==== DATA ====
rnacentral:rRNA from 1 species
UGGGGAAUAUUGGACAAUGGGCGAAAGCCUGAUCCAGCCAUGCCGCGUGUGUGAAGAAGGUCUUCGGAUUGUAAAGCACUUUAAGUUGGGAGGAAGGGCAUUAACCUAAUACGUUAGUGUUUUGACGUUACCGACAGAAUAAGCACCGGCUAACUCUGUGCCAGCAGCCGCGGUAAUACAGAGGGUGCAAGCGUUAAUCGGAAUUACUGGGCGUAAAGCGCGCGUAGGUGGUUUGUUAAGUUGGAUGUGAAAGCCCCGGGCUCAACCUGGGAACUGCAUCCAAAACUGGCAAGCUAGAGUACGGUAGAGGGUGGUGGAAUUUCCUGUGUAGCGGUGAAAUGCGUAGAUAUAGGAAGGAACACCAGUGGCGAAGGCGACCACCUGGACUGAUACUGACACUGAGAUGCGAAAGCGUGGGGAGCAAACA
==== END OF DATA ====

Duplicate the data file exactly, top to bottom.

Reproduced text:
rnacentral:rRNA from 1 species
UGGGGAAUAUUGGACAAUGGGCGAAAGCCUGAUCCAGCCAUGCCGCGUGUGUGAAGAAGGUCUUCGGAUUGUAAAGCACUUUAAGUUGGGAGGAAGGGCAUUAACCUAAUACGUUAGUGUUUUGACGUUACCGACAGAAUAAGCACCGGCUAACUCUGUGCCAGCAGCCGCGGUAAUACAGAGGGUGCAAGCGUUAAUCGGAAUUACUGGGCGUAAAGCGCGCGUAGGUGGUUUGUUAAGUUGGAUGUGAAAGCCCCGGGCUCAACCUGGGAACUGCAUCCAAAACUGGCAAGCUAGAGUACGGUAGAGGGUGGUGGAAUUUCCUGUGUAGCGGUGAAAUGCGUAGAUAUAGGAAGGAACACCAGUGGCGAAGGCGACCACCUGGACUGAUACUGACACUGAGAUGCGAAAGCGUGGGGAGCAAACA